Thursday, March 09, 2017

Metal 3D Printing to Shape the Aerospace Industry

Machine Design: Billions of dollars in investments along with years of R&D in metal and composite 3D printing are beginning to pay off for the aerospace industry as 3D-printed engine parts pass their testing phase and become integrated into final designs. Collaboration between startups, larger companies, and 3D printing services has led to engines with fewer assembly parts, better fuel economies, and a shorter time to market.

2 comments:

Rebecca Meckler said...

This goes to show that you can 3D print anything now. I thought reading about the benefits of the 3D printed parts over the traditional versions was really interesting. I thought the part where they mentioned that the cooling process in the 3D printed version actually gave the rotor peice more strength then forged versions was really cool. I never would have thought that the cooling factor would have changed anything. Millions of dollars has been invested into the technology to print these pieces though, so someone must have figured out that 3D printed pieces would have been beneficial. Also, 3D printed pieces have a better strength to weight ratio, produces less scrap, and is cheaper. This seems like a huge benefit to the Aerospace industry. I wonder what industries specifically the CEO Cullen Hilkene will mention in his speech. 3D printing obviously has applications in many fields so it will be interesting to see which ones he highlights.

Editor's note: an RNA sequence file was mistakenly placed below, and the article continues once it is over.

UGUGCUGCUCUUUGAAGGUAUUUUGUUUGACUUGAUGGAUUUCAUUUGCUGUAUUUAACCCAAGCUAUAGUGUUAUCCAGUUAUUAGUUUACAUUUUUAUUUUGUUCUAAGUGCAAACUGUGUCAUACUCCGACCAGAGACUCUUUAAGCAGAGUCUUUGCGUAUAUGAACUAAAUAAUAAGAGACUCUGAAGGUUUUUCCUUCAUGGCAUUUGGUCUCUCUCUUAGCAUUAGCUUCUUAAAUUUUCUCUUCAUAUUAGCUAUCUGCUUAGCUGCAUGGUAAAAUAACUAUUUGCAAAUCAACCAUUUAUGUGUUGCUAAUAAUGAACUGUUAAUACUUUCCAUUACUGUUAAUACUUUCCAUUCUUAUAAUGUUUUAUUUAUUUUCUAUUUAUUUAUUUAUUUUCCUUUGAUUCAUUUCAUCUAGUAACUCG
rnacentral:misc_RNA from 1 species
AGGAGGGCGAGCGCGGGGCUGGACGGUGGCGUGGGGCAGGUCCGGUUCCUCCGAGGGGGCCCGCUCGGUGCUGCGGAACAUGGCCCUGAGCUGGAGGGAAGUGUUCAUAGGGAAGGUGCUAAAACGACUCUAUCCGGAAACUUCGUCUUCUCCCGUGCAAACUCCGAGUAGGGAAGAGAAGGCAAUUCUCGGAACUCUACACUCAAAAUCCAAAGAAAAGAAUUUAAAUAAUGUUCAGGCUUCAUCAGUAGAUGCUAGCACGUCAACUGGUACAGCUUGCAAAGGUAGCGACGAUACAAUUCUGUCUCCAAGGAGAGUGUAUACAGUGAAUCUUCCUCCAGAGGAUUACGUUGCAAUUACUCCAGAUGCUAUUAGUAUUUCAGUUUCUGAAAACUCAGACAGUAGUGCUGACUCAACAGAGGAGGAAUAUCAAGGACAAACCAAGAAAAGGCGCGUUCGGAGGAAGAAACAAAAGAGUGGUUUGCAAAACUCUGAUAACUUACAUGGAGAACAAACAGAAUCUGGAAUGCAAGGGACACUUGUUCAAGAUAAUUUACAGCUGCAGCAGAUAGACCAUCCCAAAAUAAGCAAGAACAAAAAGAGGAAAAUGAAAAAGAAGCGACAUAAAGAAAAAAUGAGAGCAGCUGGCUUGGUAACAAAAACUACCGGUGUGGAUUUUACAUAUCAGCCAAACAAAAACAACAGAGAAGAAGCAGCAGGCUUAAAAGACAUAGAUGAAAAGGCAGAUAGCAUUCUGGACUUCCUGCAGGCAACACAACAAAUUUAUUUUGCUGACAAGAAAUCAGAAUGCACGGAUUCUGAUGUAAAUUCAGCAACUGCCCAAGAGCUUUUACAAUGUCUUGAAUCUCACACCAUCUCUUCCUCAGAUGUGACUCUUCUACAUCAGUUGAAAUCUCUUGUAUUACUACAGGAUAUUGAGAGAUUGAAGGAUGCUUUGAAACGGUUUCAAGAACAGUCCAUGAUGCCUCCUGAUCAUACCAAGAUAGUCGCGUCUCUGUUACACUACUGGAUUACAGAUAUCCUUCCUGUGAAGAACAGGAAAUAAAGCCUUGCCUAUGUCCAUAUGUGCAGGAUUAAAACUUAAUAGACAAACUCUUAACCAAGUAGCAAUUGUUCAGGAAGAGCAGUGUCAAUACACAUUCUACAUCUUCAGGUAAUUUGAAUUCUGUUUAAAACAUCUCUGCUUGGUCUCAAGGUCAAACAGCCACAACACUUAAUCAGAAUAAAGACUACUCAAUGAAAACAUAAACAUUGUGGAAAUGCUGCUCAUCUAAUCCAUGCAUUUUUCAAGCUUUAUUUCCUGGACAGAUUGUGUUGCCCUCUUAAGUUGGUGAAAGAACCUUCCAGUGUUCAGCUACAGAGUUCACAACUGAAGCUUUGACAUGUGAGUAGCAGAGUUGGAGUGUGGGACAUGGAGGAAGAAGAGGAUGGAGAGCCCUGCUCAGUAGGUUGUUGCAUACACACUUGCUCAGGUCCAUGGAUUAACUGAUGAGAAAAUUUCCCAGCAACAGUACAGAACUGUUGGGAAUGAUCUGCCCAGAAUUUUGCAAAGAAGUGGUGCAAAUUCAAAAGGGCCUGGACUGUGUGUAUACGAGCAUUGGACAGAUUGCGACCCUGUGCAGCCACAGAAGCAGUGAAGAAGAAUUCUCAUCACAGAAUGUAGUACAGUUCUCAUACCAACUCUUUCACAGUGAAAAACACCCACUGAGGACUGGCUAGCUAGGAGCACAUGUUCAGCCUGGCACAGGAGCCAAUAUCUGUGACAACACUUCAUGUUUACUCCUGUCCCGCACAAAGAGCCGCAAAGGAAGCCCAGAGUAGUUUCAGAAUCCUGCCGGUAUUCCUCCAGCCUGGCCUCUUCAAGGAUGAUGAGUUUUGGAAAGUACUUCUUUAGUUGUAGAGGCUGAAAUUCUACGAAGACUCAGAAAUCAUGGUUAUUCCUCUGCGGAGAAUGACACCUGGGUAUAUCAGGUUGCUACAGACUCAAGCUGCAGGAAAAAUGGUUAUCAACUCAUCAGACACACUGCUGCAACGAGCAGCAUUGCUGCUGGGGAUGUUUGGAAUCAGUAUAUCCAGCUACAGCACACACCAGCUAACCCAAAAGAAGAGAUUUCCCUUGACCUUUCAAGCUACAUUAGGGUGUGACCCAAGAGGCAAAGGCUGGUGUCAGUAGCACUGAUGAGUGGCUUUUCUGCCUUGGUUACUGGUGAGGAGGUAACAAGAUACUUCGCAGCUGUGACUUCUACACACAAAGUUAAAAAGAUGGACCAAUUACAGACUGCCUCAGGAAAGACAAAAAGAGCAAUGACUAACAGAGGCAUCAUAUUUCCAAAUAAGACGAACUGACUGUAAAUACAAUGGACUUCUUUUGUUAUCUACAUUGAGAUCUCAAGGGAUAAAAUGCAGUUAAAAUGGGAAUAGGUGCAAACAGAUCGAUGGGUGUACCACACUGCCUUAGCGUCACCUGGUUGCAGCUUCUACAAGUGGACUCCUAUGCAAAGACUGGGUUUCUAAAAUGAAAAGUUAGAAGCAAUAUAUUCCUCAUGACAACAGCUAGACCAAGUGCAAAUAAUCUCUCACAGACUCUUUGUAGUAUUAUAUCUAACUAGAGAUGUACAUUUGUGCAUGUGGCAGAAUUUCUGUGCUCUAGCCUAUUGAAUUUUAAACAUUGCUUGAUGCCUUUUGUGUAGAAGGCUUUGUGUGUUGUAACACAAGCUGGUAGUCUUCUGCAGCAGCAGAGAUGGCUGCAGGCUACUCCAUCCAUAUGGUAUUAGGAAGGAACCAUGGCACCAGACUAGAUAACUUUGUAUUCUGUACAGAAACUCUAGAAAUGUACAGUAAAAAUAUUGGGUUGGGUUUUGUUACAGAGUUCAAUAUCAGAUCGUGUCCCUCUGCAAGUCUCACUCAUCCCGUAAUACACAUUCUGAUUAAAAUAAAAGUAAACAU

Chris Calder said...

There is no doubt that 3D printing is the way of the future. Although the process is still pretty young and many complex applications are either too expensive or are just not possible. With companies like GE pouring money into this industry Developments and discovers are coming a lot faster allowing us to learn more about the process. I just finished watching a presentation on 3D printers in a fabrication class and it was really eye-opening the things that can be achieved. Price is probably the biggest deterrent for the theater industry and next would probably be finding a good material. The reason GE is using 3D printing is far different from a theatrical application but I can still see parallels that would help with the development of the technology. I look forward to reading more about what GE does with 3D technology and the future possibilities of the technology.

CMU School of Drama